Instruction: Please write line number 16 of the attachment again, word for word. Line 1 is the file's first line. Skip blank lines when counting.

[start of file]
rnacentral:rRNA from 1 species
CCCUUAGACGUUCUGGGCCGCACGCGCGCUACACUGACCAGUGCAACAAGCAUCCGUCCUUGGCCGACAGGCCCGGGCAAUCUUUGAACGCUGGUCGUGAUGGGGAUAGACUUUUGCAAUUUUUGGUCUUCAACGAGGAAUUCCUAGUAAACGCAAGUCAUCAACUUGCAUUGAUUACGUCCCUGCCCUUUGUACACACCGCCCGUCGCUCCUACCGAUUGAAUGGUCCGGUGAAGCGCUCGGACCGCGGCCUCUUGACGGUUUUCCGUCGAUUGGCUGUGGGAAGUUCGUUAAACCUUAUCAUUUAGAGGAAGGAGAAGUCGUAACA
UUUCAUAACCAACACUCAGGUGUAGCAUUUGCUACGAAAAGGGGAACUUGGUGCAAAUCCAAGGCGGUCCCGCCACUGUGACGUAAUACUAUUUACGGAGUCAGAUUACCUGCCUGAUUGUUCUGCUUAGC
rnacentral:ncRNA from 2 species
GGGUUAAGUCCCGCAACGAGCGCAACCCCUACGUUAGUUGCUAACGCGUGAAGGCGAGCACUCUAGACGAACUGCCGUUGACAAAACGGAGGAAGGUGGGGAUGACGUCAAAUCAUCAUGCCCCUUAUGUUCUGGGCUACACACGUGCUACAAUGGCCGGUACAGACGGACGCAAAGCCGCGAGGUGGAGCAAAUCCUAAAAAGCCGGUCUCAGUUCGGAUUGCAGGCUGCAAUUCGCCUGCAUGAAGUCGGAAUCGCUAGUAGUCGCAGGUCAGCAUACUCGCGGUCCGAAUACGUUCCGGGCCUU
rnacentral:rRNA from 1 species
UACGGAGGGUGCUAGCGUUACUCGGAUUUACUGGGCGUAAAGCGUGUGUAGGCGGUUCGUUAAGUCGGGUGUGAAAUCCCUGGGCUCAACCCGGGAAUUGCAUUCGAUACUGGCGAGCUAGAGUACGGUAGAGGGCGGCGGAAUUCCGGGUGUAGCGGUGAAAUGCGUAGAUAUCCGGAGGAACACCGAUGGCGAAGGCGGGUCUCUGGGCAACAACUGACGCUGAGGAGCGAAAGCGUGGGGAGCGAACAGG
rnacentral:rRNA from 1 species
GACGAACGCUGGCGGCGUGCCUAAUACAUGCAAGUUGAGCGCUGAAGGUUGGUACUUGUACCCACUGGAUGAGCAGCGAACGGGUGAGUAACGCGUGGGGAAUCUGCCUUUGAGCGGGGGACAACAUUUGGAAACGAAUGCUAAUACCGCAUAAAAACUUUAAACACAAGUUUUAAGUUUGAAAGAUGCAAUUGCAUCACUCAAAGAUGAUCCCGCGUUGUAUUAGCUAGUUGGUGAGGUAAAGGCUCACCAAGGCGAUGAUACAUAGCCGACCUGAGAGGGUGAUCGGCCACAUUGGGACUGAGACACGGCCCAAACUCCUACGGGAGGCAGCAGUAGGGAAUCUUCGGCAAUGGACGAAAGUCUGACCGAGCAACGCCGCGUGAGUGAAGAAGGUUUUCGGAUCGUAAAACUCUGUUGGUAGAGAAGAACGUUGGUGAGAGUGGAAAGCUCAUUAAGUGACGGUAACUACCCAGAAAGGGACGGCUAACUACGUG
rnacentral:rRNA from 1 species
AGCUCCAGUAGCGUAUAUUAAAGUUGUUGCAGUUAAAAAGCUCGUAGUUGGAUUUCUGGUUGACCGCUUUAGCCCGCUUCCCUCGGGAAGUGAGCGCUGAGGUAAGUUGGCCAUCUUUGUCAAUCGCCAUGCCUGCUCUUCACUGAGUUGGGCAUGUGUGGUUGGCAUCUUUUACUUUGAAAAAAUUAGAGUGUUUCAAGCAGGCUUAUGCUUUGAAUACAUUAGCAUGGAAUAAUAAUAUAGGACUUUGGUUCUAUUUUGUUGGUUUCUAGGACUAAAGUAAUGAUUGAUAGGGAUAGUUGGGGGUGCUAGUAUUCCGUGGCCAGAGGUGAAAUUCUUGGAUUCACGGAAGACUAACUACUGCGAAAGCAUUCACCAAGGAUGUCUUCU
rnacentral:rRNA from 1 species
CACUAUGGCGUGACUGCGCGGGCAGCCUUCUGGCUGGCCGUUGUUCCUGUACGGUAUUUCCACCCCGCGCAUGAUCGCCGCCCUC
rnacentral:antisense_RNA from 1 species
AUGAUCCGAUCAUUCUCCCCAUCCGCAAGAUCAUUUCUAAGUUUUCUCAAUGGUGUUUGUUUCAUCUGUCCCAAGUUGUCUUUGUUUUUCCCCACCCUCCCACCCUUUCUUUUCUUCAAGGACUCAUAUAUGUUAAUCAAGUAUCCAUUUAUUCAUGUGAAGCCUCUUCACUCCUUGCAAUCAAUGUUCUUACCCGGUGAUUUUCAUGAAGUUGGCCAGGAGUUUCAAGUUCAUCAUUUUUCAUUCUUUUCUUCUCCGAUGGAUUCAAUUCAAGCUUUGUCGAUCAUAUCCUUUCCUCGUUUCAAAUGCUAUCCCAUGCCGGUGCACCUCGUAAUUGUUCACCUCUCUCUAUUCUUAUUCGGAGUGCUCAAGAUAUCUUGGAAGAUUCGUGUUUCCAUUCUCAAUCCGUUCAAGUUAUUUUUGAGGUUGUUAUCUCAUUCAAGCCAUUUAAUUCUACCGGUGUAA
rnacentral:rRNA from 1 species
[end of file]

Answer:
rnacentral:rRNA from 1 species